It was a colourful and lively celebration at The Pink Alley on Wednesday, when Frontlines opened their new outdoor space at 1804 Weston Rd.
I was excited to see this new public space come alive. There were activities for kids out back, and I had a chance to meet some of the impressive youth outreach staff and tour the new restaurant space and the teen lounge. I also enjoyed the free tropical ice cream.
Well done Noami Frederick, Harley Valentine of Castlepoint Numa, and your teams!
Can this forgotten alley be transformed into a vital and thriving space for Weston?
That’s the goal of Harley Valentine, a renowned sculpture artist familiar with re-imagining public spaces.
Harley is also a managing partner at Castlepoint Numa, the developer working with the Weston Park Baptist Church to re-imagine the corner at Weston and Lawrence Ave.
When I heard he was all excited about an alley at 1804 Weston Rd, next to the new Frontlines location, I had to find out why. Harley explained, “I want to deliver maximum community benefit from Weston’s unexpected and forgotten spaces.” He went on to say that he hopes to inspire others to see potential in the smallest opportunities.
So, what could happen at the Alley 1804? (That’s my name for it, let’s see if it sticks)
He’s working with community leaders, youth, and neighbourhood officers from Division 12 to create a space where Frontline’s youth programs could expand.
And, it could also be a performance space, an outdoor patio for local food outlets, or a gallery for Weston’s artists. Harley’s list of ideas is endless. Safety will be paramount; the location would be gated after-hours. But imagine a space filled with energy, creativity, engaging art, twinkle lights and laughter?
I’m looking forward to seeing Harley Valentine’s magic at work! His enthusiasm for Weston is enough to inspire any community. I’m happy to hear he’s fallen in love with Weston.
That’s my take on the launch of the Weston Artists Good Food Market at the Weston Common.
This exciting weekly summer event is focused on making fresh produce accessible to our community, at cost. One neighbour was so surprised when her large bag of produce came to $3.75, that she handed over a $5 bill and asked if she could just donate her change to the cause.
Philip Sutherland, the organizer, said the fresh fruit is popular—fresh raspberries, blueberries, and mangoes went fast. (They’ll have more next week.) He added that the Artists’ booth was postponed due to windy conditions, but it’ll be back soon. And he hopes to hear from more local artists, bakers, butchers, chefs and cooks who want to be a part of the Wednesday market.
But there’s more to this event than affordable produce. It’s organized by a few of the artists living in our community. They have brought their friends from Collective Arts Brewing along, selling some of the most original craft beer, sparkling teas, cider, and bitters I’ve ever seen.
The labels are adorned with literal art from unknown and emerging artists. The two staffing the booth were thrilled to be discovering Weston, “all the neighbours are so friendly and happy to see us…and we’re busier here than we are at our other two markets.” They’ve applied to be a part of the Weston Farmers’ Market starting Saturday June 5th.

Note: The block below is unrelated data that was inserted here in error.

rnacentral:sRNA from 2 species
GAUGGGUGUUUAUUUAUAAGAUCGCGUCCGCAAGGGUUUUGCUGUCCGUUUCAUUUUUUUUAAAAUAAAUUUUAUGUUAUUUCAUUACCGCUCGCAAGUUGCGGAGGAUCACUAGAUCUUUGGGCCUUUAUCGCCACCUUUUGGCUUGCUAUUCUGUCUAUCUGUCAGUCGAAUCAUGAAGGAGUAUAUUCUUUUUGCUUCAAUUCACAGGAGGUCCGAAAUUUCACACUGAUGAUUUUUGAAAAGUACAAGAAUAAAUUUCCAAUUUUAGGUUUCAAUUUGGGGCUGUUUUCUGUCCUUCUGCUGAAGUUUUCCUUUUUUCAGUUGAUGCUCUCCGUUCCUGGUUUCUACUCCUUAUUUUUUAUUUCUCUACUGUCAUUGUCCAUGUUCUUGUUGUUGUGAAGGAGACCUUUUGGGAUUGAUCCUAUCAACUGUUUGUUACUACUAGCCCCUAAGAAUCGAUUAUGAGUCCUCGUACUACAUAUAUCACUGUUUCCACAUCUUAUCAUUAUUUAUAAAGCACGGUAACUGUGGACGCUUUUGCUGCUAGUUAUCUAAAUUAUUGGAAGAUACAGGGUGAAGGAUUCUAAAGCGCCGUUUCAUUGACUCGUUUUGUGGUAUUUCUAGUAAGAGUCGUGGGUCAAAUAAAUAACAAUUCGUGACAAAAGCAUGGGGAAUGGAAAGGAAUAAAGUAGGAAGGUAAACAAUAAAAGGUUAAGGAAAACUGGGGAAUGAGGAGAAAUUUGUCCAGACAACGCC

This event is organized by the West Toronto Photography Club and sponsors like Access Community Capital Fund (a non-profit that makes small loans for people with big ideas).
The Artists’ Market is every Wednesday from 3pm–6pm until September 1st.
Weston’s own Elliot Madore will be performing in an online Messiah, which is streamable until January 7.
The show is produced by Against The Grain Theatre, and it looks great. The producers say it is a “truly cross-Canada performance — in Arabic, Dene, English, French, Inuktitut, and Southern Tutchone, and accompanied by the Toronto Symphony Orchestra”.
On April 1, some Artscape tenants didn’t pay their rent because of the COVID pandemic, according to CTV.
A group of artist tenants at apartment building and cultural hub in the city’s Weston neighbourhood say that they plan to jointly withhold rent this week amid a COVID-19 pandemic that has impacted their livelihood.
In a news release issued early Monday morning, the tenants said that they have reached out to their landlord about their situation and have been told that they can defer half of their April rent on request and then pay the balance owing off over a six-month period starting May 1.
The CEO of Artscape was interviewed by NOW Toronto. He said,
“Like our tenants, we’ve also been affected by the crisis,” Artscape CEO Tim Jones tells NOW. “We’ve laid off 54 staff members. We are doing everything we can to provide as much support as we can to them and to tenants. We’re reaching out to all of our lenders, talking to suppliers and organizing advocacy efforts with the federal government…. If there’s a suggestion that we’re not trying to be helpful, it’s just not the case. Unfortunately, as a nonprofit there are constraints.”
Artscape has been hit hard by the COVID-19 crisis. As of March 16th they closed all community hubs for three weeks including Weston and according to nowtoronto.com laid off 54 staff members. On top of that, artists at the 34 John Street Weston Hub live / work spaces are feeling the pinch of cancelled gigs and will not be paying rent when it comes due tomorrow. Non-profit Artscape told tenants that they could defer paying half of their April rent but artists have issued a press release stating that they won’t pay anything at all.
Since the closure is likely to continue far beyond April 6, and with revenues dwindling, Artscape may soon be scrambling for its own existence.